A tech letter from the Daintree
My backyard: Happy to be disrupted when it allows me to spend a few quiet days here
Sitting in a beautiful three bedroom Airbnb in the middle of a Daintree rainforest is not the best place in the world to ponder Australian innovation policy.
You’d much rather not think about it all, frankly. There are three separate natural pools in the backyard, after all, sculpted into the creek that runs through it.
Surely this time would be better spent admiring the clever, off-grid hydro-electric set-up that is driving all the electronics? (including the DVD that is keeping the kids quiet.)
But that’s the problem with short holidays. You have too much time to think about work, and not enough time to forget all that you tried to leave behind.
And I did think about work, and I spent some time reading about industry policy.
There are plenty of Chicken Little’s around to tell us we’re all stuffed, that our governments are hopeless, and that we are so far behind the rest of the world that we might as well give up breathing right now for all the good it will do us.
To my mind, the industry development policies – the roadmap to building a better tech sector in this country – is both more comprehensive and more targeted now than at any time since I began reporting.
I’ve always been interested in this stuff. From John Button’s corporate citizenship programs of the late eighties to the incubator support programs of the early to 2000s to Kevin Rudd’s build-it-and-they-will-come NBN and beyond.
There is a blueprint is in place that should make anyone who works in the industry formerly known as IT smile.
It is easy to chuck rocks at government. But for a reality check, anyone with rocks in their hands should build a time machine and travel back two years. Or five years. Or twenty. Because at any point back then, no-one who mattered gave a shit.
Which brings us to now. Our national industry is energised and mobilised. Hooray for us. We are awesome.
Our challenge now is to diligently MEASURE OUTCOMES. We need to better understand whether we are successfully building capability – and jobs and wealth – rather than simply creating a lot of froth and bubble.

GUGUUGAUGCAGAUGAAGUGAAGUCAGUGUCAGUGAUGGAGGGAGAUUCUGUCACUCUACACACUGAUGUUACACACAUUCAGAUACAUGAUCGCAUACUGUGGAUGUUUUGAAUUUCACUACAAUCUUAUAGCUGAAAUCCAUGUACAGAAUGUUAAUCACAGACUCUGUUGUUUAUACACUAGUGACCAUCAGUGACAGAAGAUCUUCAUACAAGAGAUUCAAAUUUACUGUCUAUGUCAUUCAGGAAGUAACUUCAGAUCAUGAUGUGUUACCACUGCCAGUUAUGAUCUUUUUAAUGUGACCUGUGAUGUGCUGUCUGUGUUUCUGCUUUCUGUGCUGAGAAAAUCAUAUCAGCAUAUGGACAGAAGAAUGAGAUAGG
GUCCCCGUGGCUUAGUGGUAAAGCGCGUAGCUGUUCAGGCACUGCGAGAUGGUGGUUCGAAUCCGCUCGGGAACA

This is something my mate Sandy Plunkett talks about a lot. Ms Plunkett is one of our best thinkers on these things. She consults to a bunch of ecosystem players as Innovation Clearinghouse and she is right in asking; what are our metrics for measuring success?
When we look at the government investments – State or Federal – in incubators and accelerators and co-working spaces, how do we measure success? Because right now, creating activity without measureable outcomes does not work.
How many companies are succeeding? How many people are they employing? What revenues are they earning? And how much money are they bringing into the economy?
If we don’t understand these simple metrics, Ms Plunkett says, it is impossible to know whether our policies are building new companies and capabilities and industries, or simply building a giant crutch.
This is easy to say but much harder to do, of course. We will have a better idea about how the Federal Government is thinking about these metrics at the end of the year, when the newly-created Innovation and Science Australia delivers its audit of the innovation system.
ISA chairman Bill Ferris says the audit will provide a baseline, and will have identified all the moving parts. From there, ISA will build its long-term, 2030 strategic plan for the innovation system. This is expected to be delivered next year.
There needs to be a change of thinking within the bureaucracies about how we measure the success of programs.
Mr Ferris is pushing government agencies to forget the measurement of public sector ‘outputs’ – like how much or how many incubators were invested in – and find a way to understand ‘outcomes’. Like how many jobs were created, or how much IP, how much new capability and new wealth.
There has been a huge amount of commentary about the National Innovation and Science Agenda and the heavy startup focus having nearly cost this government the election. That somehow there should be a rethink, that we should change course.
OMG. Is there honestly anyone who really believes this? Please. Get real. I don’t think even the early rhetorical flourishes were about startups alone, but rather were a motivational treatise on creative thinking. The first tranche of NISA was only ever a starting point.
But it is certainly worth taking stock. Things seem to be moving very quickly and in the right direction. But we need to measure it to make sure.
Do these policies work, or is everyone just getting juiced on all the talk? Bill Ferris’ audit of the innovation system will be an incredibly important document.